Three years following the release of Olympus Has Fallen where former secret service agent Mike Banning (Gerard Butler) stormed the White House to rescue the President of the United States (Aaron Eckhart), comes the sequel London Has Fallen. This time round after the British Prime Minister dies of a sudden heart attack, the leaders of the Western world converge on London to attend a state funeral. However unbeknownst to all, the funeral has been targeted by terrorists hell bent on eliminating the political figures in attendance, and caught in the firing line are President Benjamin Asher and Secret Service Agent Mike Banning.
As well as a change in setting, Iranian director Babak Najafi (Easy Money II) takes over the directional duties from Antoine Fuqua, but with the original cast returning. Upping the emotional stakes Mike Banning is expecting his child with his wife Leah (Rahda Mitchell) and also pondering retirement. After Banning and President Asher find themselves in the crosshairs of the terrorist attack, which has left major monuments in ruins and world leaders dead, they must find a way out of London to safety. Hindering their progress are terrorists disguised as emergency service personnel and citizens, looking to make an example out of President Asher by executing him live on the internet.
To put it bluntly, for better and for worse, London Has Fallen plays like a semi serious, live action version of Team America: World Police. With a plethora of foreign terrorists disguised as emergency services personnel running amok in London, and the British services comprised, it’s up to Merica! to save the day. And I’ll be perfectly honest I thoroughly enjoyed it’s gung-ho balls to the wall nature. It’s essentially Olympus Has Fallen ramped up to 11, brashly showing every card in it’s hand, not giving a single damn what your going to think of it. There’s more action, more fast quips, and more of Mike Banning stabbing people in brutal ways. With plenty crowd pleasing dialogue that acts as a raised middle finger to the act of terrorism, if the general public made a film about defying terrorism then this would be it.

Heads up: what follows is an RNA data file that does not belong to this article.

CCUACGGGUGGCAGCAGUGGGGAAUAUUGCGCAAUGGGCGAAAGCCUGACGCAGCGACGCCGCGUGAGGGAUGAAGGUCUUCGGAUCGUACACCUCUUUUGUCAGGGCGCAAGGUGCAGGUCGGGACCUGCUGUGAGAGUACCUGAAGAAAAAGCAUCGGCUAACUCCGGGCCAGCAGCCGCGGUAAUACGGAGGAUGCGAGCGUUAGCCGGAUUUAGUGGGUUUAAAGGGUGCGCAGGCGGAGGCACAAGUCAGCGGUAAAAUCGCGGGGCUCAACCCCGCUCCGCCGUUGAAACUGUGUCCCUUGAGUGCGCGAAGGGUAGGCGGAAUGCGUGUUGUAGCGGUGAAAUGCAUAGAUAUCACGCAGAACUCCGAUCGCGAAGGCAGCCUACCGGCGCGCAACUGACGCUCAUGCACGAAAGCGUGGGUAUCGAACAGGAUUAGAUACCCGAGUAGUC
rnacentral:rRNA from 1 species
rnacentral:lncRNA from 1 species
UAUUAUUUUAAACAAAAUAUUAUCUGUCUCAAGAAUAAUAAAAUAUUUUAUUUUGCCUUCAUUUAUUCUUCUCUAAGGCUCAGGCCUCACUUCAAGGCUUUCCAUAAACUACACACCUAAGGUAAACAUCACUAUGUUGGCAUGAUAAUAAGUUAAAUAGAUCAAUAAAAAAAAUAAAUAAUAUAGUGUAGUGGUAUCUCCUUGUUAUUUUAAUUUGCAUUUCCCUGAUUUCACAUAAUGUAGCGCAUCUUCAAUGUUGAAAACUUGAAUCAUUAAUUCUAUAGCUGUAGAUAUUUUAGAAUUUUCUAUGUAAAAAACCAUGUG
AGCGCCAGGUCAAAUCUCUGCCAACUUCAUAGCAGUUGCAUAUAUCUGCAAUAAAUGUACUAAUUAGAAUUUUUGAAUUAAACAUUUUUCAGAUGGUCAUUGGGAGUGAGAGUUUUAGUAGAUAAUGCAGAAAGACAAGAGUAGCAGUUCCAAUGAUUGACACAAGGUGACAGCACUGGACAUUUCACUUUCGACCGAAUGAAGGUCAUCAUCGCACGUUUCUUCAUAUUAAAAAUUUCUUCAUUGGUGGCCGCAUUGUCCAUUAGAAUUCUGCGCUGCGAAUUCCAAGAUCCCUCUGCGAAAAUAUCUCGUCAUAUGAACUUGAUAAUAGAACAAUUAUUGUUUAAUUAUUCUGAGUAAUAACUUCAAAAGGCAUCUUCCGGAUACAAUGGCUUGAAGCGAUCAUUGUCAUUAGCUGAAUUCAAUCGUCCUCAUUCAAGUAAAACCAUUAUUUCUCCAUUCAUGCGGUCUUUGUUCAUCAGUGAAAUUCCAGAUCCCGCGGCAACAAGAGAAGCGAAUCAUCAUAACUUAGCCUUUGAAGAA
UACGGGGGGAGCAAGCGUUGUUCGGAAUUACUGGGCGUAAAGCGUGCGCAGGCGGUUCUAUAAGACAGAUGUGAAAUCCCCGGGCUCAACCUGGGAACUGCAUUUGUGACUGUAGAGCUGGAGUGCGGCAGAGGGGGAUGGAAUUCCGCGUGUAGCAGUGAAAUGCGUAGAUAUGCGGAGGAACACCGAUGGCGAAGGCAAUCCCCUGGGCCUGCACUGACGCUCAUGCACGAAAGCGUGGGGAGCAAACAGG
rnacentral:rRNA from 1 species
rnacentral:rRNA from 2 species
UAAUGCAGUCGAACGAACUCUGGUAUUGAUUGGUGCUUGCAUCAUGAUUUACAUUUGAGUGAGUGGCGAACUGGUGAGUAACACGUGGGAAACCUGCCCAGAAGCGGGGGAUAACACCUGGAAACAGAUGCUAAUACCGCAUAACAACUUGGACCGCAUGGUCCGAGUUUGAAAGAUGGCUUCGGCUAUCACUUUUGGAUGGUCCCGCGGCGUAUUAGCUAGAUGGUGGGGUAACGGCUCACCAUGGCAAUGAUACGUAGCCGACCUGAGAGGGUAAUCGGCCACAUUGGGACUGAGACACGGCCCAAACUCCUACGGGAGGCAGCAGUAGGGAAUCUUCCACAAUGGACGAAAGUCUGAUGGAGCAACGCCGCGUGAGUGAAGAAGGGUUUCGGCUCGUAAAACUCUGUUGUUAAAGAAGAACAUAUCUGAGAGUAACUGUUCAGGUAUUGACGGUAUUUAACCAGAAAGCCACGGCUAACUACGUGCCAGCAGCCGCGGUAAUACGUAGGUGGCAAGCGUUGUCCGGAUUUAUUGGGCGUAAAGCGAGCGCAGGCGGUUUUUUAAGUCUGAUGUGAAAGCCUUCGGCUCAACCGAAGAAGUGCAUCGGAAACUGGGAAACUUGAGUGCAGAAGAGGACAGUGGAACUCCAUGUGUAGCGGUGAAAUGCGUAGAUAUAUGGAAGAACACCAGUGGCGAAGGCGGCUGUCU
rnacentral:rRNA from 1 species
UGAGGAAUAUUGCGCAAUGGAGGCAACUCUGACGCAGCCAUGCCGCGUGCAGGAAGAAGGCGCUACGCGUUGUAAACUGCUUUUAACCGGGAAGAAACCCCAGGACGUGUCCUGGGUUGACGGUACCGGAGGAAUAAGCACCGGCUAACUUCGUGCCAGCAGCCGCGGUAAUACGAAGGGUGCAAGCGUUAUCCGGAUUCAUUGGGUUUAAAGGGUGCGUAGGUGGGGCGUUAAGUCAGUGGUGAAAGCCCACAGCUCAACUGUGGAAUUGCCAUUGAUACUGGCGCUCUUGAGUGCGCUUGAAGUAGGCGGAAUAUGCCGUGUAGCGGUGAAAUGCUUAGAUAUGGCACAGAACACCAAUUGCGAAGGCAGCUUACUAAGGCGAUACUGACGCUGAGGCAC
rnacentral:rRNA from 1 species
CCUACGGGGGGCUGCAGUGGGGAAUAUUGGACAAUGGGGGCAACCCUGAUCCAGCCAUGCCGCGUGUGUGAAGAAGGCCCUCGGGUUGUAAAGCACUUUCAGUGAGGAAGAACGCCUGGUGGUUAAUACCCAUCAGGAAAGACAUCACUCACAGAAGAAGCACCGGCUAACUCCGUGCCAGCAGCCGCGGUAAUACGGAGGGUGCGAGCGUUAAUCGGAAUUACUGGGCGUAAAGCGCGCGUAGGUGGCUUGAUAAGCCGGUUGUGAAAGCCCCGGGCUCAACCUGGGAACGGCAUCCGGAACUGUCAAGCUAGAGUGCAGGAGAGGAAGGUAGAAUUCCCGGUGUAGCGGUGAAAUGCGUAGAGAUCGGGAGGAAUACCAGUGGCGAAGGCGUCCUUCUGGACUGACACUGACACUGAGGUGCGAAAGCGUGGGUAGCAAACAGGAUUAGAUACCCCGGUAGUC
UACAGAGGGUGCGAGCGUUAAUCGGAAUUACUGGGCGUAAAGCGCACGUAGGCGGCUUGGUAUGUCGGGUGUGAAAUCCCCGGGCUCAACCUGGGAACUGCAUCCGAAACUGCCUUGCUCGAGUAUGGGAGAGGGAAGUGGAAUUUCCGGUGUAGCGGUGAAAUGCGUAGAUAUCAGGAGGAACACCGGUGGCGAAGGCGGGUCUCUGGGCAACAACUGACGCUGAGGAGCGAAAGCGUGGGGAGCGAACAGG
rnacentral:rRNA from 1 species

Your enjoyment of this film will very much be dictated by strong suspension of disbelief, and your lenience to offensive language and portrayal of terrorism. The attack that starts the action off is described as orchestrated in the film, but is rather chaotic in organisation, shit just blows up left, right and centre. Then seemingly every person in uniformed service appears to be a terrorist, which the film itself can’t decide whether they’re actually terrorists disguised, or corrupt workers. It doesn’t really matter at the end of the day because their just bullet fodder for Merica! to mow down. That being said, as chaotic as it is, the action scenes are directed with fine finesse, especially the sequence that involves a final attack on the terrorist HQ.
If you has fun with Olympus Has Fallen, and have an affinity for nutty explosive films that harken back to the golden era of Expendables action of the late 80’s and early 90’s then you’ll like this. At one point, after Banning slowly guts a terrorist to death so that his superiors can hear, President Asher asks “Was that really necessary?” which Banning responds to snappily “No”. That brief piece of dialogue was not only funny enjoyed by all in the cinema screen, but it also encapsulates the existence and escapades of the film, unnecessary bloodshed for maximum enjoyment. You could take the high road and claim that it’s an insensitive portrayal of a sensitive subject, but not every film involving terrorism needs to be like Zero Dark Thirty. You need to make light of dark subject matter sometimes.
London Has Fallen pulls no punches in it’s retaliation to terrorism, it’s dumb, fun, and mildly offensive, the key ingredients of any stupidly entertaining film.